I often get searches for blank sky maps, so I thought I'd do just that. Problem is, how blank, in what coordinate system, and in which projection. See, there are quite a lot of knobs to twiddle. So let me just give a few examples here. Suggestions/requests are welcome.

First: Equatorial coordinates, in Winkel-Tripel projection with coordinate grid on white background. Projection-wise, probably the best compromise between length- area- and shape-distortions that come inevitably with every map projection.

Galactic coordinates in Mollweide projection. Nothing better than Mollweide (or Hammer-Aitoff, see below) for galactic maps, with the origin, i.e. the center of the milky way, right in the middle.

Ecliptic coordinates, this time on a black background, with the simplest of all projection, equirectangular, thats, really just a linear mapping of coordinates to area.

And something completely different, supergalactic coordinates in Hammer-Aitoff projection. The supergalactic plane is the one in which the local filament of galaxy clusters seems to be oriented, visualized here with all galaxies brighter than 12th magnitude in red.

Stellar data from the Hipparcos catalogue, with stars down to magnitude 7 shown, galaxies from the handy Saguaro Astronomy Club Database, and map projections according to USGS's fabulous Map Projections: A Working Manual by John P. Snyder. And milky way data from PP3

Awesome site, thanks!

ReplyDeleteAwesome site, thanks!

ReplyDeleteSay it was midnight on the vernal equinox for an observer standing at 45°N: if you were to overlay his horizon(s) on the Equatorial coordinates, in Winkel-Tripel projection with coordinate grid (image/fig 1); would the resulting image be 45° sine wave (blocking everything towards the bottom of the image)?

@Lynn, thanks.

ReplyDeleteNot exactly a sine wave, as it is distorted by the projection, but essentially, yes, with the southernmost point at latitude minus 90º, in this case 45º south. I made an image here as illustration, assuming the zenith to be at 12h/45ºN.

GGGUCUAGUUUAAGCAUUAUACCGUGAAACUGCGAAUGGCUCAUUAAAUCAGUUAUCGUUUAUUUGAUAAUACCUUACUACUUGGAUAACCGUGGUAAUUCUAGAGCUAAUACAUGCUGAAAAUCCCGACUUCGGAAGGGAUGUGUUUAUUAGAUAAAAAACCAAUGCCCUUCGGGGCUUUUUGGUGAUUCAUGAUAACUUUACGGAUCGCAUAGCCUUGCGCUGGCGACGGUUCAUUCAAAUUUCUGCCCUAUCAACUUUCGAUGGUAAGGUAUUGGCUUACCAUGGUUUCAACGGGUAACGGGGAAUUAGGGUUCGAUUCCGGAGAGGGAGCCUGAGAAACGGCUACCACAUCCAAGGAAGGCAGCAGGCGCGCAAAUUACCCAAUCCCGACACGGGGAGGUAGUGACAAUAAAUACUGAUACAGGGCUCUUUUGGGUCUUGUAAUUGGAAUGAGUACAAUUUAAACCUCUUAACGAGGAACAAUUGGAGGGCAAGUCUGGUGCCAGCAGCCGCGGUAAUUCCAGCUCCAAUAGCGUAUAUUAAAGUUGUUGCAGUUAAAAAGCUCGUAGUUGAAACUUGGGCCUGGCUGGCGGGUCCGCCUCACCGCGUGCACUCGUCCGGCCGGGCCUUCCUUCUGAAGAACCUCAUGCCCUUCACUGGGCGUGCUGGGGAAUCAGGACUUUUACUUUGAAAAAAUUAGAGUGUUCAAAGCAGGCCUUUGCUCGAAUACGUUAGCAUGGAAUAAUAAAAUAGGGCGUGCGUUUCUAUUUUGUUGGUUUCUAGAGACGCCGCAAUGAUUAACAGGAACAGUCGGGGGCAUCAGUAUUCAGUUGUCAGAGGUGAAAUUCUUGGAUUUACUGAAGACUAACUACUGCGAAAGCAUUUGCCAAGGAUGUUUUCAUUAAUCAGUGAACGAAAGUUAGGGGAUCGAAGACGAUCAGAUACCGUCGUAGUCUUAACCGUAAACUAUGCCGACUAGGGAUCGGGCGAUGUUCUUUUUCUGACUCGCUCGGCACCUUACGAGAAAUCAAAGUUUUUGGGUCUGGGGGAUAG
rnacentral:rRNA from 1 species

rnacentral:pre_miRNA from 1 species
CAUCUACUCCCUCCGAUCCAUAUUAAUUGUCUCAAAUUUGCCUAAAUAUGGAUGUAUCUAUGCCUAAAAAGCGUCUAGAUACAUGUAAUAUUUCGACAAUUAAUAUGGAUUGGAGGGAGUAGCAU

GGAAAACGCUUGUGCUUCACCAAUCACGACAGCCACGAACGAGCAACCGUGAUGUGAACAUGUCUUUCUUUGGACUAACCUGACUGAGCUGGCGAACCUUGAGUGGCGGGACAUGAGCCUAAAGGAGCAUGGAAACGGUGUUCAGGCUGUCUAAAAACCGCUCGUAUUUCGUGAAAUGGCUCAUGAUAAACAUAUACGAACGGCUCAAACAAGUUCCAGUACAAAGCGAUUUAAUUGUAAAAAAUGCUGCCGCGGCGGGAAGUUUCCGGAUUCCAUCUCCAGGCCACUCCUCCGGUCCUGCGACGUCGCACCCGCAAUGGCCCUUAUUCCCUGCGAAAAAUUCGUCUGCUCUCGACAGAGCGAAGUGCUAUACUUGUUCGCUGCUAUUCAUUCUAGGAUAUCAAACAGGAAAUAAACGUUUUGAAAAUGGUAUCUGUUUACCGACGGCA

Thanks. Now what would, say 15° increments of elevation (both above and below) the horizon then look like? Using your (awesome) horizon diagram image as a base. Use the color green and show -15, +15, +30, etc. to +90 (zenith) which should be a dot. I'll explain where this is going...

ReplyDeleteIs this what you wanted? I made the elevation lines different shades of green, from darkest at -15ª to brightest at 90ª (the green dot). The 45ª line appears to be cut by the upper border, thats because the projection stretches the poles from points to the lines top and bottom.

ReplyDeleteThat's fantastic, Olaf; thank you! I've been studying your newest diagram (thanks again!) for some time and it's exactly what I needed to explain the problem I've been tasked with: Given one's latitude, what time of year does the sun transition from sunset to "astronomical twighlight" (-18° degrees) the quickest?

ReplyDeleteTo me the answer comes down to: What time of year (the sun on the ecliptic) does the line of declination that the sun is on, make the highest angle between the horizon and the -18° line of elevation?

I have a running argument with an astronomy blogger who claims that *all* lines of declination make the same angle with the horizon.